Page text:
Success: What Price Does Your Character Pay?


I’m getting much closer to actually starting my new novel, but I’m still asking myself a crucial question.

What is the cost of success for the main character?

Loss of innocence. If you write a bildungsroman novel, that genre which take a main character from childhood to adulthood, the cost is a loss of innocence. I’m actually doing this, but I also want a physical thing to represent that turning away from childish things and toward more mature things.
It could be something like putting away stuffed animals in favor of taking care of real animals, accepting the responsibility of their care. I’m looking around my story for possibilities.

Physical cost. Or, there could be a real physical cost. In his book about writing science fiction, Orson Scott Card talks about developing a story where men could do powerful magic. BUT, to make it cost something, he decided that magic could only be powerful if the mage cut off a part of himself. Cutting off a finger was a small magic, but cutting off an arm was bigger magic.

That kind of sacrifice is built into the framework of the story, the milieu. It could be used in the climax of the story effectively by the making a mage choose a bigger physical sacrifice for the biggest magic, a sort of literal self-sacrifice.

Emotional sacrifice. Of course, there are emotions that can be given up for the greater good of someone in the story. Think of Dicken’s A Tale of Two Cities..

Finding the Right Sacrifice

I’m asking these questions:

  • What does my character love the most? What if she had to give it up?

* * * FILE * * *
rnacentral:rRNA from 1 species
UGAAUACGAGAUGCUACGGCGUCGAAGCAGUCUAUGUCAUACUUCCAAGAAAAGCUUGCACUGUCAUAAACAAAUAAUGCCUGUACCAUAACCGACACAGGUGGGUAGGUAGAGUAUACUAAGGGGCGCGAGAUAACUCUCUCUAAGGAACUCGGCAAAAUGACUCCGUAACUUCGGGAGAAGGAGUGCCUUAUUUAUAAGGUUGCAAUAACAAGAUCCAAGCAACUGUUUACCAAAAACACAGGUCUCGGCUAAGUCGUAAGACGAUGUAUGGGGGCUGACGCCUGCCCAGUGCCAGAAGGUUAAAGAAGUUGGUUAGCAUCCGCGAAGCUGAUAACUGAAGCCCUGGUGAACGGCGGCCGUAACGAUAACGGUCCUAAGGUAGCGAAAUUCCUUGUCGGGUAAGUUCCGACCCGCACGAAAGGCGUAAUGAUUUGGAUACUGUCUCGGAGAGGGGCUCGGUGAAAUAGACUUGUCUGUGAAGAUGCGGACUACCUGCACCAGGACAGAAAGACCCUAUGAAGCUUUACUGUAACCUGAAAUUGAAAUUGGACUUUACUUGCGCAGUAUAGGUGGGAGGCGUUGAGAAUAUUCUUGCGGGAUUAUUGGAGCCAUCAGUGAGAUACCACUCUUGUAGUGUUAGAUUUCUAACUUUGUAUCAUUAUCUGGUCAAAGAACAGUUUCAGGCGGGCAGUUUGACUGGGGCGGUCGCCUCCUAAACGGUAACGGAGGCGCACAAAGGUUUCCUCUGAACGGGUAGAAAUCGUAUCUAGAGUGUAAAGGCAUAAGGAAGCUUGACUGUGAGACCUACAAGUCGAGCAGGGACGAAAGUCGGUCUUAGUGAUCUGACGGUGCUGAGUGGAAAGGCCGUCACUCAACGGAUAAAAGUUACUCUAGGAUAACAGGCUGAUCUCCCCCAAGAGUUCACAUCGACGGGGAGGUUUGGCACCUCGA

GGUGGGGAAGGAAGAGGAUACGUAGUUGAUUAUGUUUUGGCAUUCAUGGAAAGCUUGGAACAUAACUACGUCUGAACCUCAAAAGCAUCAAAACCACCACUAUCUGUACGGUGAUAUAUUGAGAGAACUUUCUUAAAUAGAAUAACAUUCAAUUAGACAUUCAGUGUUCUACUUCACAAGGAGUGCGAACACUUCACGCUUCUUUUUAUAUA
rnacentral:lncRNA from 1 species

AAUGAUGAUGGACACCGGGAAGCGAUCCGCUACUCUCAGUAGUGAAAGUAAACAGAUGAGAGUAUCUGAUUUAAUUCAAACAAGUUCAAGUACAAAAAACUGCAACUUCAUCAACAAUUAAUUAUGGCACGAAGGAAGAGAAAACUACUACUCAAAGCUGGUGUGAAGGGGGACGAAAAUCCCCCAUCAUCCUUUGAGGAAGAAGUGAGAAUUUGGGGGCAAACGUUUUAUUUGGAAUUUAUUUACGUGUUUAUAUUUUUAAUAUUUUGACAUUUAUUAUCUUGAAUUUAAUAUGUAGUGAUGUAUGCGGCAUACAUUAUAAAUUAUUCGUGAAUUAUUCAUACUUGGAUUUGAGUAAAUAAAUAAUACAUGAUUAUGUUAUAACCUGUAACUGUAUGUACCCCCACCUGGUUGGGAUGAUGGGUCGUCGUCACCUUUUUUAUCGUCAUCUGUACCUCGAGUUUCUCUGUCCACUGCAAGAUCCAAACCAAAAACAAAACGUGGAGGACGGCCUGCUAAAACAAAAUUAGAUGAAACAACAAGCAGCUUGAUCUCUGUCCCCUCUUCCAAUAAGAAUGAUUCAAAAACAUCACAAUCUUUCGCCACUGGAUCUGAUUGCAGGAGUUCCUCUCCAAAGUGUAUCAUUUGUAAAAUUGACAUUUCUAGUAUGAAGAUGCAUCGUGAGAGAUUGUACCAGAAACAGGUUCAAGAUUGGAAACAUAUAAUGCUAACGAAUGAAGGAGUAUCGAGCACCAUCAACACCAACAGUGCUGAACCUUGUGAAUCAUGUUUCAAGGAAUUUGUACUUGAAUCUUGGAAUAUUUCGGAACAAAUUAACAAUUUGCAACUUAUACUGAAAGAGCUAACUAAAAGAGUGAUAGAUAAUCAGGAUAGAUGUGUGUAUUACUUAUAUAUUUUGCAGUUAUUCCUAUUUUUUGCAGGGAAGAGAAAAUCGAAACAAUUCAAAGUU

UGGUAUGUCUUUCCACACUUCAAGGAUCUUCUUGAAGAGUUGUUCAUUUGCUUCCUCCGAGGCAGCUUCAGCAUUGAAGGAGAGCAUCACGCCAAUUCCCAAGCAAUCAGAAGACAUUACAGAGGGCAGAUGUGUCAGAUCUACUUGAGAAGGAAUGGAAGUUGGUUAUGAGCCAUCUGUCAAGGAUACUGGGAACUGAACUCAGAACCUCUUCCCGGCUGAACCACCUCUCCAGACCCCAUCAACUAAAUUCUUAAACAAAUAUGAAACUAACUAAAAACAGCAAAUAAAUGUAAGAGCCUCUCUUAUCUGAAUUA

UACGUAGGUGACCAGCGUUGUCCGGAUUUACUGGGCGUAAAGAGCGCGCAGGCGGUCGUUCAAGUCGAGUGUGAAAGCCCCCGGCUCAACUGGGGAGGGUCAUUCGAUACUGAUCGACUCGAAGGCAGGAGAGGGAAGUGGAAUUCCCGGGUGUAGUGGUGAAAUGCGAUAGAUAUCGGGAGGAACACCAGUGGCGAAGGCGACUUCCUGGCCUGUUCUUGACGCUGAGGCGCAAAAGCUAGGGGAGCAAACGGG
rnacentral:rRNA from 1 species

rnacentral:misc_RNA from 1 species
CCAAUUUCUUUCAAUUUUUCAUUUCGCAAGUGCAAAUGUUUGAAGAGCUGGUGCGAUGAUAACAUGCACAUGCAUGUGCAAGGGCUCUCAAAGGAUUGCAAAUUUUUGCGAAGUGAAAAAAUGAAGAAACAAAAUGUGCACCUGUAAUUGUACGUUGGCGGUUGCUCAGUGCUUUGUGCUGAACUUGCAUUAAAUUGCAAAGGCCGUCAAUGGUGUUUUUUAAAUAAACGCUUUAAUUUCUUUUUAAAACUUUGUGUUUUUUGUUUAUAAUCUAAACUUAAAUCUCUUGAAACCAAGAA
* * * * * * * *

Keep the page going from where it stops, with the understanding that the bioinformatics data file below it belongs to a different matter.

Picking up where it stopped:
• What does my character fear the most? How can I make her face that fear?
  • What character hurts the most? Could that character be the main character? How could I make my main character hurt the most?

I know that the ending of my story’s plot needs more punch and I’m sure it’s because I haven’t yet asked my main character to make a choice, to sacrifice something important in order to gain something even better.

Somewhere, Katherine Paterson said that creating a plot is like cutting an image into stone with only a paper clip. (obviously that’s paraphrased!) Wish someone could give me a stone chisel, because I feel exactly the same!

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  • Jessie Mac
    July 8, 2010

    Thanks for this Darcy. It made me think about my main character and gave me some ideas.

  • Kathryn Jankowski
    July 8, 2010

    Interesting post. I’ve been toying with the idea of having my MC undergo some sort of physical distress each time she (mis)uses a newly-won power. But I think an emotional price would be more satisfying dramatically.

  • Darcy Pattison
    July 8, 2010

    Kathryn: Even an emotional price will help raise the stakes. And that’s always good in a novel.